But most alumni (unsurprisingly) know about Duke’s response to the case via communications from Duke and from the alumni magazine, whose narrative suggested that after a brief initial difficulty (and perhaps an extremist statement from a scattered professor or two), the university did everything it could to bolster the players. In this narrative, the lacrosse players are nothing more than gold-diggers, out to get money from the university that stood behind them in their time of trial.

This narrative was relayed effectively when Charlie Rose interviewed members of the Duke family, in a July 4 broadcast.

CHARLIE ROSE: Let me talk about today. Duke University has gone on to be a great university.

MARY DUKE BIDDLE TRENT SEMANS: It really has. It really has.

CHARLIE ROSE: You’ve both contributed to that, the endowment and the trustees.

MARY DUKE BIDDLE TRENT SEMANS: Uncle Buck, grand pa, it is what they wanted.

CHARLIE ROSE: Uncle Buck is James Buchanan Duke.

MARY DUKE BIDDLE TRENT SEMANS: That’s right. I’m telling you, I’m sure they would be amazed at how fast it has grown . . .

CHARLIE ROSE: So Duke went through this great difficulty with the problems with lacrosse.


CHARLIE ROSE: And you’ve got some lawsuits going. Has the university -- how has it handled this? What damage has it done to the university?

MARY DUKE BIDDLE TRENT SEMANS: I don’t think a whole lot. The giving to the university has not been arrested in any way. It hasn’t gone down. We had more applications, I think, than ever. And that means something. We have very loyal alums.

CHARLIE ROSE: People still want to go.


ANTHONY DREXEL DUKE: When I go down there and I take a bunch of them out for dinner and so forth, it’s almost as though it never happened among the students, current enrollment.

CHARLIE ROSE: Even though there are lawsuits.

MARY DUKE BIDDLE TRENT SEMANS: They all talk about it a little bit.

CHARLIE ROSE: Fingered a lot of people that they thought should have done this or that.

ANTHONY DREXEL DUKE: Well, everybody has got their different opinions on that. But I find that student -- among the student body, they are unaffected. They love the university as much as people who went before this incident. And I think it’s going to come through. I personally am very fond of Dick Brodhead.

CHARLIE ROSE: He’s the new president they got from Yale.


ANTHONY DREXEL DUKE: And he’s a heck of a good guy. I think that he was caught a little bit as a young president, as a new president, I should say. And maybe he didn’t take the right advice for a few days or something.

CHARLIE ROSE: But he got control.

ANTHONY DREXEL DUKE: He got control. But there were some problems on the way towards getting control.

MARY DUKE BIDDLE TRENT SEMANS: And what a dreadful thing to happen to somebody who has just come. It is just an awful thing.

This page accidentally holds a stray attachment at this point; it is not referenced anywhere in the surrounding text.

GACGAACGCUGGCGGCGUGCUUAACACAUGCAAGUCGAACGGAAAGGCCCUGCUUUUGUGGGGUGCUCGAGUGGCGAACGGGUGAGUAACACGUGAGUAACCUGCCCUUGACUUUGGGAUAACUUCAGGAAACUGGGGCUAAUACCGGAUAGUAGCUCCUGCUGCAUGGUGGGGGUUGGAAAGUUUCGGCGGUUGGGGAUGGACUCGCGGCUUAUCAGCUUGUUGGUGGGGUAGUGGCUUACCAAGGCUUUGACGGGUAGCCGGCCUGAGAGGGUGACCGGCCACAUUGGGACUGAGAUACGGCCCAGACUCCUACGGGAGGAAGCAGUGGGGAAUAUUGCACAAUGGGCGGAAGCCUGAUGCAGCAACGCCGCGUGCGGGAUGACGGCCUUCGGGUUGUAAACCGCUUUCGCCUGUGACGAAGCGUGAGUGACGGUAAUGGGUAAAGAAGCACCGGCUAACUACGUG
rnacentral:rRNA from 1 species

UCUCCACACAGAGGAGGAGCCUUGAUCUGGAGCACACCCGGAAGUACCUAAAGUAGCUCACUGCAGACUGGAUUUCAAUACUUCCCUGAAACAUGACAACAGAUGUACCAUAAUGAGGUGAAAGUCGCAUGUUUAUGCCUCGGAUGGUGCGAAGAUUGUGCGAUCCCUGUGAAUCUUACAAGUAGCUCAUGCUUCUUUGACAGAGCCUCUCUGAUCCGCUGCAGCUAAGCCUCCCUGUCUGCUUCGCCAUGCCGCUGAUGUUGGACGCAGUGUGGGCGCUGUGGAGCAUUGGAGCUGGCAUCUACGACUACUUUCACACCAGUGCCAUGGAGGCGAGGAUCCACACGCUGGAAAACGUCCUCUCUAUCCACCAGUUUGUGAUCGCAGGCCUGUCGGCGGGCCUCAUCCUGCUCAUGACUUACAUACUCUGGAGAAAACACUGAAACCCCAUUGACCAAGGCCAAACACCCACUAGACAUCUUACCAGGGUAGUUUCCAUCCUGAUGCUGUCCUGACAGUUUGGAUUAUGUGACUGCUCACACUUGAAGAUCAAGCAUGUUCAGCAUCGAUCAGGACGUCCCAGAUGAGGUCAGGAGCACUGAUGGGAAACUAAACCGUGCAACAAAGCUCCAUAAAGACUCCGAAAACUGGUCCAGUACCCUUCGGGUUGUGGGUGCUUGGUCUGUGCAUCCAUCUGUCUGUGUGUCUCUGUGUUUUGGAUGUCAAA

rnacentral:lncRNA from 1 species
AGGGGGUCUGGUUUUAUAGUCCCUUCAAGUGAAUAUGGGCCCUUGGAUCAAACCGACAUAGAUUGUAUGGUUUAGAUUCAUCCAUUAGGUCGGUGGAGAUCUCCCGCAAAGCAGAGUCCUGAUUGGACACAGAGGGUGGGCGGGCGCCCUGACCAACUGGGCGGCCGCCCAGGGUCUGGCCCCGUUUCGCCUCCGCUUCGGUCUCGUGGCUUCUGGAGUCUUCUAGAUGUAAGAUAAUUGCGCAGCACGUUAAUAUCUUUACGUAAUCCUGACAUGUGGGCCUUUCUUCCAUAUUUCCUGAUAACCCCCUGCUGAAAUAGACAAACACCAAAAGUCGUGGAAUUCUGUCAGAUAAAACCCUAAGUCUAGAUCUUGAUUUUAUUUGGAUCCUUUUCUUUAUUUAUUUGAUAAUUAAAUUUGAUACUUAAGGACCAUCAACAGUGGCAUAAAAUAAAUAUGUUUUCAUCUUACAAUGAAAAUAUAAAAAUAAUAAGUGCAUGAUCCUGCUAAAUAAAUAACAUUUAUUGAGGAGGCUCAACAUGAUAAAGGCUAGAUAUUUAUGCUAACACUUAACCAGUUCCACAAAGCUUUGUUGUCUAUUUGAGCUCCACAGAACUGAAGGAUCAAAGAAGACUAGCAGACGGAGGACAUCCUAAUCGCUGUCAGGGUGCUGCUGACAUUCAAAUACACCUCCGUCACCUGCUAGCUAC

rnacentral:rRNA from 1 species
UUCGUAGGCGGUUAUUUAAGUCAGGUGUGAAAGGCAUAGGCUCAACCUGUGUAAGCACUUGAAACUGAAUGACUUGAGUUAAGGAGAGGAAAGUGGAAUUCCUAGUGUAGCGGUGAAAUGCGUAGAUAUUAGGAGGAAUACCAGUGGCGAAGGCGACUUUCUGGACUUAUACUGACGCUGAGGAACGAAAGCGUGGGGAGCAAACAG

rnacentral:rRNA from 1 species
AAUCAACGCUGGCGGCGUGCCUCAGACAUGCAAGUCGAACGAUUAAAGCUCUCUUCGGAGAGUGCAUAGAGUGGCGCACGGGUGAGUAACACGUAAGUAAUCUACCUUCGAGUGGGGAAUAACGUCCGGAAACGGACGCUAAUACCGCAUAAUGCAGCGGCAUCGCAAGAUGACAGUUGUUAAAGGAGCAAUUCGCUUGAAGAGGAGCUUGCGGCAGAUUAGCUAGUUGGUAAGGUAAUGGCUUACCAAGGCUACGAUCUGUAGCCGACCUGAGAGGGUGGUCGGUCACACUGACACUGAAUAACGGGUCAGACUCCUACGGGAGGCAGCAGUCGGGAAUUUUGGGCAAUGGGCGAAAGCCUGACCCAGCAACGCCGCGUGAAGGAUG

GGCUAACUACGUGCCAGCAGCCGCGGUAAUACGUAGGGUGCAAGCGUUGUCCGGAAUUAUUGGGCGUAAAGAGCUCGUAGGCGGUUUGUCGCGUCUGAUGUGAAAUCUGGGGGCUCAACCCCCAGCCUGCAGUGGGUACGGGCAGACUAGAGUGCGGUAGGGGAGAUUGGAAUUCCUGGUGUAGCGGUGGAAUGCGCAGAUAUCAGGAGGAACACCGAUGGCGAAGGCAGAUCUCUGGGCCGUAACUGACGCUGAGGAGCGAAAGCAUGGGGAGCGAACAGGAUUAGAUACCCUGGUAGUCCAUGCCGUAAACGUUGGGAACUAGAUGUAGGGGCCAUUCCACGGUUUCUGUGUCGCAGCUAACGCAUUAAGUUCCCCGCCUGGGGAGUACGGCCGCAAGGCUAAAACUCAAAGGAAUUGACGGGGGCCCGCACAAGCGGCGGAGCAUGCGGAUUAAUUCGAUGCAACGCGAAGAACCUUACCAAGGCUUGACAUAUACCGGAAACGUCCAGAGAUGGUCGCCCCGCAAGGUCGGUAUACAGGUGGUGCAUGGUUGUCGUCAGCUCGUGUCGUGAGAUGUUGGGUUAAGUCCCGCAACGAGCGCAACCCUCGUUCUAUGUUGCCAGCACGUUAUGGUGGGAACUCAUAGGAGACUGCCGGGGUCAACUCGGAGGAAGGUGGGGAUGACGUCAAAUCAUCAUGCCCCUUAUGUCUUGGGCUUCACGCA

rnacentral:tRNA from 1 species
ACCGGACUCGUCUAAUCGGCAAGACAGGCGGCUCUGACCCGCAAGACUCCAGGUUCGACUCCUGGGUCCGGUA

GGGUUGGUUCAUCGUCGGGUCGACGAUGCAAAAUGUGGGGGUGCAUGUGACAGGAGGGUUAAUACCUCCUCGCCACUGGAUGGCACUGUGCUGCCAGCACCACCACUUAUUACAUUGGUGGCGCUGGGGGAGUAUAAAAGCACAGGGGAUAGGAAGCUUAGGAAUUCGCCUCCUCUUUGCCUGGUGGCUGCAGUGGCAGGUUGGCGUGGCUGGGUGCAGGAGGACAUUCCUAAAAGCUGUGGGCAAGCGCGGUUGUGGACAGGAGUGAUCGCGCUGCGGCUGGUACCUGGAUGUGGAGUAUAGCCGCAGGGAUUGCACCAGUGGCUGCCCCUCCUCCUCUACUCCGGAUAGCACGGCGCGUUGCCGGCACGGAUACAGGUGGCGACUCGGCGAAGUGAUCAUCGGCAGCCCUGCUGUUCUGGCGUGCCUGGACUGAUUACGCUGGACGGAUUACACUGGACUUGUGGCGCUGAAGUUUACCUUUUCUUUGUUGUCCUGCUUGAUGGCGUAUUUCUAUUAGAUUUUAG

“Maybe he didn’t take the right advice for a few days or something.” “He got control.”

When, exactly, did Brodhead get control?

  • In mid-April 2006, when he declined to investigate allegations brought to him that Duke professors were abusing their classroom authority in dealing with the lacrosse players?
  • A few days later, when he responded to the arrests of Reade Seligmann and Collin Finnerty by saying, “Whatever they did was bad enough”?
  • In June 2006, when he issued an open letter minimizing the (by then massive) evidence of the players’ innocence?
  • In summer 2006, when he wrote to Friends of Duke that a trial would give the falsely accused students their chance to be “proved innocent”?
  • In fall 2006, when he used his interview with 60 Minutes to denounce the lacrosse players for their “highly unacceptable behavior”?
  • In the spring 2007 semester, when he declined to enforce the Faculty Handbook against Karla Holloway (who distributed malicious rumors about Duke students via e-mail) or Grant Farred (who publicly accused Duke students of perjury)?
  • In April 2007, when he wildly asserted, “The Group of 88 are a group of professors who signed a petition to assist students who felt threatened.”

The Duke family didn’t say—and Rose, unfortunately, didn’t press them—on exactly when in the timeline above Brodhead “got control.” Their view of the case must have left them mystified as to why Duke settled at least three lawsuits (from the falsely accused players, from former coach Mike Pressler, and from the Dowds) that flowed from the administration’s conduct.

The Duke family’s interview raises another question: if, during this period, Brodhead “didn’t take the right advice,” from whom was he getting this wrong advice? That’s a question that, doubtless, Jamie Gorelick would prefer never be answered.

Saturday, July 19, 2008

More from the Rev. Barber

In recent months, the North Carolina NAACP and Rev. William Barber have taken up the cause of James Johnson, an African-American initially accused as an accomplice to murder in Wilson, North Carolina. The two pieces of evidence that the NAACP cited to justify its “demand” that Johnson “be exonerated”?